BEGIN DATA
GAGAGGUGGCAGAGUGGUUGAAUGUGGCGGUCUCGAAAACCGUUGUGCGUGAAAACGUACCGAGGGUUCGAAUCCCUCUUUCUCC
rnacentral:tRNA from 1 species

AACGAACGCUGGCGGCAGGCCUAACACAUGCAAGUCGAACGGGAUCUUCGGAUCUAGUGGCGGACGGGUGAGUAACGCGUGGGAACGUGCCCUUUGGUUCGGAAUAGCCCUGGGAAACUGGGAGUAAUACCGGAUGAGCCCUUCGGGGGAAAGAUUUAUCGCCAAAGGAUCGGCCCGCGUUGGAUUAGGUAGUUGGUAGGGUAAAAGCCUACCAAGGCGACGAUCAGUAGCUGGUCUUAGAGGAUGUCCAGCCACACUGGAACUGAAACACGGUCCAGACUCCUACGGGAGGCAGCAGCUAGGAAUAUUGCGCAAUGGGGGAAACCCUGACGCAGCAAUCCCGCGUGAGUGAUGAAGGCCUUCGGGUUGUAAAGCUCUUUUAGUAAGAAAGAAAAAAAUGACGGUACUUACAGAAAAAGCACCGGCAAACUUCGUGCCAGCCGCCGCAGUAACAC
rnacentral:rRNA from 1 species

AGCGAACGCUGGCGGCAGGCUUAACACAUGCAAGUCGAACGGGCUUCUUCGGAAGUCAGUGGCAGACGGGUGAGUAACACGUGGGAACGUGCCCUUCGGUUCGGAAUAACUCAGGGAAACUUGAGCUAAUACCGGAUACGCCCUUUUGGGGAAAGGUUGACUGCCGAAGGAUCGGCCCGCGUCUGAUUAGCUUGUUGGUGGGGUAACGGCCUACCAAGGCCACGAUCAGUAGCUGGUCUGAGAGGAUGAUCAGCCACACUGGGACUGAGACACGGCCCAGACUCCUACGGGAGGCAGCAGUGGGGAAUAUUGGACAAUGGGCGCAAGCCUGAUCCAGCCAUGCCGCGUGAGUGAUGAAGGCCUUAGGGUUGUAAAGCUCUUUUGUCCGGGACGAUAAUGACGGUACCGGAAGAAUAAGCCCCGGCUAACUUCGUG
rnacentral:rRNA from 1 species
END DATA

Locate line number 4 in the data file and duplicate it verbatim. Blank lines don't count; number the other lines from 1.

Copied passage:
rnacentral:rRNA from 1 species